Paper ballot boxes, minor clashes, and another assault… Yes, it’s election time in Yerevan
No sooner does the ruling Republican Party of Armenia inform journalists that there is no mutual hatred or enmity between political forces contesting the crucial municipal election to determine Yerevan’s mayor on 31 May comes news of some minor clashes between opposition supporters and the police. Oh, and did I mention an albeit aborted violent assault on a television journalist?
No? Well, first things first.Â To begin with, two brief but potentially volatile incidents have occured at rallies held by the extra-parliamentary opposition Armenian National Congress (ANC) led by the country’s first president, Levon Ter-Petrossian. Thankfully the first clash didn’t result in anything more than shoving, but it at least gave me an opportunity to test live streaming from mobile phoneÂ in case future incidents escalate into something much worse.
Meanwhile, after a local pollster announced the findings of an arguably less than scientific surveyÂ indicating that Prosperous Armenia, a member of the coalition government, could barely count on even 20 percent of votes in the Yerevan election, a TV journalist on whose program the findings were announced was assaulted outside his apartment building early this morning.
Shant TV’sÂ Nver Mnatsakanian escaped serious injury thanks only to the immediate reaction of his neighbors. The party, founded by perhaps the country’s richest and most feared oligarch known more for his “philanthropic deeds” at election time rather than actual campaigning, denies that the two events are linked. Mnatsakanian apparently doesn’t either, but others aren’t so sure.
Coincidentally, the party’s founder and head, MP and businessman Gagik Tsarukian, offered the pollster in question $1 million if he could back up his claims. The former world arm-wrestling champion later reduced the amount to AMD 1 million (about $2,700) Regardless, what perhaps remains the biggest problem of all is that such news has become more important than actual discussion of policy issues, campaigning or even engaging the electorate.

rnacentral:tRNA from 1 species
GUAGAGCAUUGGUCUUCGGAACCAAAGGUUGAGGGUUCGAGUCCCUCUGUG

Indeed, perhaps with the exception of the Armenian Revolutionary Federation — Dashnaktsutyun (ARF-D), which does at least go through the motions while also hoping to benefit from its recent departure from government, the opposition is also guilty. While it could present real examples of negligence, mismanagement and corruption in local governance to potential voters, the emphasis insteadÂ remains on regime change.
It’s no wonder then that an international election monitoring team is concerned by the conduct of the pre-election campaign after only a few days. The three-member delegation consisting ofÂ Council of Europe Congress of Local and Regional AuthoritiesVice-President Fabio Pellegrin, Michel GuÃ©gan and Nigel Mermagen expressed concern at the battle shaping up between the government and opposition.
“We are concerned that the real needs of the citizens of Yerevan could be brushed aside because of this confrontation,” saidÂ Mermagen.
No change there, then, but with little other attention from the international community, the vote could prove very problematic indeed. Although few believe claims of outright victory from any of the parties, the absence of a sufficient number of election observers on polling day will not help matters. Moreover, although transparent ballot boxes were introduced for elections held since 2003 to minimize fraud,Â media reports indicate that this time round they will be made of… paper.
Yes, it’s election time again in a tiny land-locked former Soviet republic with pro-governmental parties planting trees instead of cutting them down as they usually do to make room for more of their own cafÃ©s in public parks while roads and back yards are asphalted after years of neglect and coincidently on the same day as election meetings are held in the same area.
For its part, the opposition instead hopes to exploit fears over recent talk of rapprochement between Armenia, Azerbaijan and Turkey even if this is actually a municipal election. Just don’t mention that the very same policy was also pursued by the opposition’s main candidate, Levon Ter-Petrossian, when he was president — or at least until an internal coup d’Ã©tat forced him to resign in 1998.Â
Meanwhile, in other news, the police have announced a substantial increase in the number of voters registered in Yerevan since this time last year and many might wonder what other “surprises” lie in store as the campaign progresses. After all, the first week hasn’t even ended yet. So, until the next Frontline Club post, why not keep up to date with the latest developments on my personal blog or Twitter feed.
Elections can be controversial even in democracies, but in countries such as Armenia they’re something else entirely. Watch this space.
Photo: ANC pre-election campaign rally, Komitas, Yerevan, Republic of Armenia Â© Onnik Krikorian / Oneworld Multimedia 2009